Cons: Opinions by Winnemucca may not be representative of most Native Americans during her time, as she appeared to be of a privileged class. Not enough insight on how other Native Americans may
Jun 20, 2015 Jennifer marked it as to-read
For Book Riot 2015 Read Harder #9.
One of the texts for a course on "Women Writing the West," this book offers valuable insight into the limitations female authors (of every color) faced during this historical period. Once I understood more about what kinds of writing were acceptable vs. what modes were effective (or affective, as the case may be in sentimental lit), I was able to appreciate this text and the survivance it represents to many Native Americans...who did not, and still have not "vanished."
Chantal LeGendre
I read this when I was twenty-one and a short resident of Reno, Nevada. What a life this woman had, in a time when a woman's role was hardly one of excitement and travel! The heart break of the treatment of her people is real and cannot be ignored. However, I come away with the idea: A life well lived is never forgotten, it is cherished in the human experience. I purchased and re-read this again with the idea that it should be adapted into a screenplay.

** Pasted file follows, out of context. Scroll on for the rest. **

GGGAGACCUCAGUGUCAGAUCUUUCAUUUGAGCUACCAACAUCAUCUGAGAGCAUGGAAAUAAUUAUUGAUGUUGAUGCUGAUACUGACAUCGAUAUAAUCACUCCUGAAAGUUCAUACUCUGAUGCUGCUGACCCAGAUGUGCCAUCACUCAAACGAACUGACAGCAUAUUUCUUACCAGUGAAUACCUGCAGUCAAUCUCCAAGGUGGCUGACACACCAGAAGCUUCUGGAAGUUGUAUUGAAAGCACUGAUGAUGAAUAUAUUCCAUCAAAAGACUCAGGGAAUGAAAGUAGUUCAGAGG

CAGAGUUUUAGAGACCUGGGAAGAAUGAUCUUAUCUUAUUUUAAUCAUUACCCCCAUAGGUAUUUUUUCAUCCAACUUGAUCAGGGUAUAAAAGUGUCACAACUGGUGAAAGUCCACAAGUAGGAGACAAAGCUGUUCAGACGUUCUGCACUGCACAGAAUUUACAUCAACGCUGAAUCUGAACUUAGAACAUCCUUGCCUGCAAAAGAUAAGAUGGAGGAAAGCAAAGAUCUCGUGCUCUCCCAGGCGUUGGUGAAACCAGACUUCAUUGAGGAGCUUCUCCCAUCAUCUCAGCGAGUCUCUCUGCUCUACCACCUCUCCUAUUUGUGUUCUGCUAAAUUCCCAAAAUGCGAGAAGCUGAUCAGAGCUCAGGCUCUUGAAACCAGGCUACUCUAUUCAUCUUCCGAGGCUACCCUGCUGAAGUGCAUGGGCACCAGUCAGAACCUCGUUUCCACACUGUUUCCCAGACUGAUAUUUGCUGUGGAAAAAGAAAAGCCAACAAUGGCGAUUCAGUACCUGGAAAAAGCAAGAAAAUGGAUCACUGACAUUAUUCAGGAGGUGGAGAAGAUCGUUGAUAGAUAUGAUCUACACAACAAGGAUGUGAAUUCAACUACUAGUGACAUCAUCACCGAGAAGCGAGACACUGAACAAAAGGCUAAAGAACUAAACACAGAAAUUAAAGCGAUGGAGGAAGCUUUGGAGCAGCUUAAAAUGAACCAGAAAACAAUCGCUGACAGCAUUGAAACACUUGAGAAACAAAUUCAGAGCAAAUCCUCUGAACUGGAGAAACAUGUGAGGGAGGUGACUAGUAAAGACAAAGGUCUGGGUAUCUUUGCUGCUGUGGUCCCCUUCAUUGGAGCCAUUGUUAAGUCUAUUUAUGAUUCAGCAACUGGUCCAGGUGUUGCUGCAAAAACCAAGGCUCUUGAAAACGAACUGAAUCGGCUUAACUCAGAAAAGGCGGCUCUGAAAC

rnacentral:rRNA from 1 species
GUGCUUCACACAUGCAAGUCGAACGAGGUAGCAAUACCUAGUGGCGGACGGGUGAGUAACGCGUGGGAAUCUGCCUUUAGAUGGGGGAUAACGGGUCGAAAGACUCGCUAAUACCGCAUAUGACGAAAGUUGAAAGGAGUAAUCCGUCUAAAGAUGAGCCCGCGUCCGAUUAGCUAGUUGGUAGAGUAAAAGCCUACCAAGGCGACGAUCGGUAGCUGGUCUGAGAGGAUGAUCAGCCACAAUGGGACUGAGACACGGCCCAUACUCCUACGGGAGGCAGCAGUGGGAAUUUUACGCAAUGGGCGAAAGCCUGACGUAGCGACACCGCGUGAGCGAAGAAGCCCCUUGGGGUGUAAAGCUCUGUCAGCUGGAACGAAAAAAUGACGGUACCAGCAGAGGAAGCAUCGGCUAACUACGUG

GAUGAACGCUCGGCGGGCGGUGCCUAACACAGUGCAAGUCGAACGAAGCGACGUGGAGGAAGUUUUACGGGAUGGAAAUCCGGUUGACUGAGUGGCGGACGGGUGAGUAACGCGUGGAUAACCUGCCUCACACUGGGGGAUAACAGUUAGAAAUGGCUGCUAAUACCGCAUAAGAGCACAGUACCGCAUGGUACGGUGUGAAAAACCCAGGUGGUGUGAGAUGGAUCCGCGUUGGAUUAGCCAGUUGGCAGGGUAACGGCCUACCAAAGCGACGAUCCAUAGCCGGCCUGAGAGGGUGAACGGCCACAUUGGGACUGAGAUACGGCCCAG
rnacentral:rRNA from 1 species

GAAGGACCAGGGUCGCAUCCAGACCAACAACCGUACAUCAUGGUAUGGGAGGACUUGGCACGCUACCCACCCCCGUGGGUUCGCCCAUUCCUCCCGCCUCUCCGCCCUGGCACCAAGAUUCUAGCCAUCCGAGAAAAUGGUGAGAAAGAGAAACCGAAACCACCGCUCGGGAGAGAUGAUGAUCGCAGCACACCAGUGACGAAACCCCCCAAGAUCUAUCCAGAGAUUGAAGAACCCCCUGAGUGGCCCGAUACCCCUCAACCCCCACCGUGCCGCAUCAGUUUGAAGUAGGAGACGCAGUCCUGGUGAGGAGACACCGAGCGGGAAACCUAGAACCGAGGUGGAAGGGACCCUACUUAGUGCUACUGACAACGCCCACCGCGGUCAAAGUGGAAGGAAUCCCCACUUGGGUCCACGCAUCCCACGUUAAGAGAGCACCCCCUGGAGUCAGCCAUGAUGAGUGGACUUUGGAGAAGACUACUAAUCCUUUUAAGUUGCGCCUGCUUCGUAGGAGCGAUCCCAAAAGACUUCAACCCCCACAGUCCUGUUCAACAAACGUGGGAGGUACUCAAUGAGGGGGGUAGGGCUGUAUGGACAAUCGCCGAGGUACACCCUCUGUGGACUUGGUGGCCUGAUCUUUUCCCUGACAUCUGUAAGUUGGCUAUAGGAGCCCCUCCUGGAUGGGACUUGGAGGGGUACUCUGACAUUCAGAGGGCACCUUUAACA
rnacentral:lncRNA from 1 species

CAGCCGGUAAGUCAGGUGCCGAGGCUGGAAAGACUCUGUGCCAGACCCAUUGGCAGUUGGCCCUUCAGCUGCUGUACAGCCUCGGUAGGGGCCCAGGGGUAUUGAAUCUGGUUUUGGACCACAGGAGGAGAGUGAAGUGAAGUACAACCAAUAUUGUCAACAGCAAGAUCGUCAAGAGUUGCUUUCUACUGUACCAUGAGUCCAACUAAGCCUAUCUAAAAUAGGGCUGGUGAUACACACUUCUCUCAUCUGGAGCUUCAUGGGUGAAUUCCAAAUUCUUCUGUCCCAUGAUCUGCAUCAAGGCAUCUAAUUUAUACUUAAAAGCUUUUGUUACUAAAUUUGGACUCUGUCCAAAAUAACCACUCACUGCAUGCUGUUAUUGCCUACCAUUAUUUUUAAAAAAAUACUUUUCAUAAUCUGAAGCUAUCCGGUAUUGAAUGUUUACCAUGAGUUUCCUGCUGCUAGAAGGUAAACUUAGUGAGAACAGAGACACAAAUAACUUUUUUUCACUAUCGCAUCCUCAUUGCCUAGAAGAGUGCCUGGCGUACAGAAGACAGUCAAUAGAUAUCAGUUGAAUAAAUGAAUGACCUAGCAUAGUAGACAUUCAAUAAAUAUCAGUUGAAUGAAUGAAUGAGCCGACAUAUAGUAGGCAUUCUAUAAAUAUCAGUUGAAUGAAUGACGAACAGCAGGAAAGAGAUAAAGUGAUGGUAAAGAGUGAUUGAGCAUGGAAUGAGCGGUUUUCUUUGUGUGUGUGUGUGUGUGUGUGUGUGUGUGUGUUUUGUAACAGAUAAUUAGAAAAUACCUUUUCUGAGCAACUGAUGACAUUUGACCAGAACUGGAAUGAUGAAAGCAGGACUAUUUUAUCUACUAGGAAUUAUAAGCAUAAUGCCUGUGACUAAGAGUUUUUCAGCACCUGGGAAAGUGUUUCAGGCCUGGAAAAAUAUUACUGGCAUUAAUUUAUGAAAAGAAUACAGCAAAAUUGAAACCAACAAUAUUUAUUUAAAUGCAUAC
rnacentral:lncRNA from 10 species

Elizabeth Huff
This book really gives you an idea of the complicated relationship between white and native people in the late 1800s. There is questioning and acceptance, truth and lies. The author, learns English and is able to communicate for her people as well as navigate some aspects of the white world. She becomes a voice for her people and spends a lot of her time trying to advocate for them, unfortunately to no avail.
Overall a decent read, kinda hard to follow because at times the English is shaky which is understandable not being her first language. Also she doesn't follow a set timeline, however it is pretty powerful story telling. I now feel even more like I am such a guilty american. Sarah Winnemucca I apologize for my great great great grandparents and their peoples' treatment of your people.